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Six Swiss ways to keep cool

August 3, 2013, 2 Comments


Aare swimming

It’s the hottest summer since 2003 so how do the Swiss escape the heat? They can’t spend the day by the sea and air-conditioning isn’t the norm. Here are six ways the Swiss like to keep cool, starting with a swim in a river or lake. In Bern a dip in the Aare is as much part of summer as slapping on the sun cream, while Basel has the Rhine and the other big cities their lakes. Pretty much any bit of open water is waiting to be jumped into.

Segantini Hut

2. Go up for a walk in the mountains. The Swiss like nothing better than hiking in the Alps and not just for the views: the higher you go, the cooler it is, even if this year the zero degree mark is over 4500m up.

Gelato

3. Eat ice cream. Switzerland has the best gelato north of the Alps, and sometimes better than anything you can find in Italy. Gelateria di Berna is my favourite, with two outposts in the capital: Länggasse and Marzili.

Aletsch surface

4. Stand on a glacier for some natural aircon. The breeze coming off the ice is cold enough to warrant wearing a jacket. Even walking alongside the Aletsch glacier, shown here and above, is a refreshing experience.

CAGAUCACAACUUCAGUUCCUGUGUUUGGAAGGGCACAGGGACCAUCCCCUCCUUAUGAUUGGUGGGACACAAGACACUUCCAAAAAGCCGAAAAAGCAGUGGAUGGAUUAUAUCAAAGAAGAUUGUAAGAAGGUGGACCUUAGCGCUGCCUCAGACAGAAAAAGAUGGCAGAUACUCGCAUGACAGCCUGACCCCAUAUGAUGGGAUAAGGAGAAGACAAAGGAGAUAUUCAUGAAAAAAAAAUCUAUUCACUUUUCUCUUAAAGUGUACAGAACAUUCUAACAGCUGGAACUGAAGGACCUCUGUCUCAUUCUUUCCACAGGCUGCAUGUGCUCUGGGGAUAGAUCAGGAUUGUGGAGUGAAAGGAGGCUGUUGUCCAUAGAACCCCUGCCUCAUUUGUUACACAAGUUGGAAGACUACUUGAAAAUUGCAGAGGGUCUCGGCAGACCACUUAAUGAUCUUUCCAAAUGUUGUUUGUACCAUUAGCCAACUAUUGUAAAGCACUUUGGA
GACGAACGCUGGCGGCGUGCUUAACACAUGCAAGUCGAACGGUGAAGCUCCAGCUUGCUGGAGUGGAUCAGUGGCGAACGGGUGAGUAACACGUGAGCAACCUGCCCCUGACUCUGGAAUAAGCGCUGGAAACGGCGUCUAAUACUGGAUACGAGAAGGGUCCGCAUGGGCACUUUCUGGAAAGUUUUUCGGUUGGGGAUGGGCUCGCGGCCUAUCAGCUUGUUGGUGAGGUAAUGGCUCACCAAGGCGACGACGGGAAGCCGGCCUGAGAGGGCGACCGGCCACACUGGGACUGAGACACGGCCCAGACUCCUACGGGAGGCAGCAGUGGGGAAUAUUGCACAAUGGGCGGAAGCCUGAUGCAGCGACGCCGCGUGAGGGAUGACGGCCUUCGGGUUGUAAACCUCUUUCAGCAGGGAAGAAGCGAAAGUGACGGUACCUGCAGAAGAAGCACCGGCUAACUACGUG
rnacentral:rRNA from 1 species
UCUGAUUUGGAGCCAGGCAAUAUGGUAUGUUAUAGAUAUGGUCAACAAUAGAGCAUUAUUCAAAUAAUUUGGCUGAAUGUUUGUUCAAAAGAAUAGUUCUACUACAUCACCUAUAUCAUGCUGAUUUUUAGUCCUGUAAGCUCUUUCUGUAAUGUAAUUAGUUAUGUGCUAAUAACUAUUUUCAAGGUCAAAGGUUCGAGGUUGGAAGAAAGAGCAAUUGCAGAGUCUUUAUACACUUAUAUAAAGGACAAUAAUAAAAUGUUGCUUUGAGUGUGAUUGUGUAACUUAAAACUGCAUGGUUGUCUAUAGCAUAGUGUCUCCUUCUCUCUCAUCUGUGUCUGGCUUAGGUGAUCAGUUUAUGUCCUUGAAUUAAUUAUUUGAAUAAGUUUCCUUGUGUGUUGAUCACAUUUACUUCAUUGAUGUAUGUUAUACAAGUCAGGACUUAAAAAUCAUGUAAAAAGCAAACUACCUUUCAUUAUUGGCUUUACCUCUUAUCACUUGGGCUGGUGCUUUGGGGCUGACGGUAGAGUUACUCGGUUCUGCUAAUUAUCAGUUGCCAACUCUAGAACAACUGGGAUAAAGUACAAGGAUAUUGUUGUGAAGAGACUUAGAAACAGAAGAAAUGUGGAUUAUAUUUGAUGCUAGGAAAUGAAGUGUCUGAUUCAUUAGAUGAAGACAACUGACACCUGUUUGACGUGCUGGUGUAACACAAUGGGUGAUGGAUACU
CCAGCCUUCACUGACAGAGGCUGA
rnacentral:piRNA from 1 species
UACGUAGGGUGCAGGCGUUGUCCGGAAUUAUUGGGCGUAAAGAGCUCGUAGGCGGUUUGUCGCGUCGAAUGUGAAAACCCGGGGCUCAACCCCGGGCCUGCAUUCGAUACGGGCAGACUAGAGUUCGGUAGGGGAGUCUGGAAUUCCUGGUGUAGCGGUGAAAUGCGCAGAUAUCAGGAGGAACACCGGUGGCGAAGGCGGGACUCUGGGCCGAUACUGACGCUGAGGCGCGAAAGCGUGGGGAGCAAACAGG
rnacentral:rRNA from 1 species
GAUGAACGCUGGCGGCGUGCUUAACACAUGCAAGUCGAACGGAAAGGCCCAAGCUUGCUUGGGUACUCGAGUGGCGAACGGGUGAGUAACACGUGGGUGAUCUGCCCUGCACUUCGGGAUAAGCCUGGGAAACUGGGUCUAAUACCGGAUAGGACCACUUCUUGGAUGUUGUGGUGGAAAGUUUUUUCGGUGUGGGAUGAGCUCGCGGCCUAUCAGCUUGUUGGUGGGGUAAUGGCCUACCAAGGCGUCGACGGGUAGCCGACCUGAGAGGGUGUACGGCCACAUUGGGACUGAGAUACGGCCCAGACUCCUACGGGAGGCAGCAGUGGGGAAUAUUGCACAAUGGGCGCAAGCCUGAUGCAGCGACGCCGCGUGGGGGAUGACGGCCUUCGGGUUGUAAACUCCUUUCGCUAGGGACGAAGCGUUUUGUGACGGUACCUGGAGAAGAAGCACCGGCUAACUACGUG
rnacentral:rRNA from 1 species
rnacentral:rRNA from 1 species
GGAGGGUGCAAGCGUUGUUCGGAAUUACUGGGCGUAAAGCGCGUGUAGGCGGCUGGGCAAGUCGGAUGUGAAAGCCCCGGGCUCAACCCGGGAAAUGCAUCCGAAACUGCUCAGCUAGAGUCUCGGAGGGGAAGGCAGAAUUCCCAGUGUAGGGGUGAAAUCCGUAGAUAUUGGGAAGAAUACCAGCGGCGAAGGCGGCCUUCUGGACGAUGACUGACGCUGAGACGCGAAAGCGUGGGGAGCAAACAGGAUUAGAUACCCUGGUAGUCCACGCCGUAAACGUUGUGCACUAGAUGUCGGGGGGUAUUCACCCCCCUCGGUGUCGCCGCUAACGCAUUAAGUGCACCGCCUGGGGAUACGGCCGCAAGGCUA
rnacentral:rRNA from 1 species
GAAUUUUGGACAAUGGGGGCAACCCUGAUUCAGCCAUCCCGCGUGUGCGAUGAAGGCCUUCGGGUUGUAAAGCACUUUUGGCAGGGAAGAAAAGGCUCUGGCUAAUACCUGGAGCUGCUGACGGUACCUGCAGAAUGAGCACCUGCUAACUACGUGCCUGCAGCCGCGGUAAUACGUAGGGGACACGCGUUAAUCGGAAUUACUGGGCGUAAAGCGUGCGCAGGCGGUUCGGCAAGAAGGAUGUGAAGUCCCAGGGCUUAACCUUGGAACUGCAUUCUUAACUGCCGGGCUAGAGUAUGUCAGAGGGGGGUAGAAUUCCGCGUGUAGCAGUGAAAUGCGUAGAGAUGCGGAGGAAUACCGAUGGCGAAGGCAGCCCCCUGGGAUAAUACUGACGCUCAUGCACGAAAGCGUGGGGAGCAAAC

Paddlesteamer on Lake Lucerne

5. Take a boat out on a lake, preferably a Belle Epoque paddle-steamer. There’s nothing more cooling than sitting on the shady wooden decks with the wind coming off the water and the scenery slipping past.

Cellar

6. Sleep in the cellar. Every Swiss building has one, usually with the communal laundry and bike rooms but also doubling up as a nuclear bomb shelter. It’s usually the coolest – and safest – place to be.

2 Comments on "Six Swiss ways to keep cool"

  1. Fergus Miller Friday August 9th, 2013 at 04:10 PM · Reply

    Hi Diccon,
    It’s being a while, hope you are well.
    One of the reasons most Swiss flats & houses have window shutters is to keep them cool in the summer.
    Regards
    Fergus

  2. Patrick Monday August 12th, 2013 at 02:39 AM · Reply

    The paddle steamer shown in your picture number 5 is, if I’m not completely mistaken, one of the few in Switzerland which *isn’t* Belle Epoque – there’s only one ship on Lake Lucerne where the air intakes (the thing is called “Windhutze” in German 🙂 ) have this shape, it’s the “Stadt Luzern” of 1928. The “Stadt Luzern” is the last paddle-steamer ever built for a Swiss lake and has a rather interesting history: ordered in Germany because Escher Wyss and Sulzer were too costly, came with a weak engine which promptly broke and was replaced by a unique Sulzer engine of a design not seen on any other Swiss steamer (three cylinder uniflow steam engine with a particular lubrication system that necessitates covers to protect spectators from the oil – unlike the typical Swiss paddlewheeler steam engine which is completely open). Well, maybe interesting, maybe not? 😉

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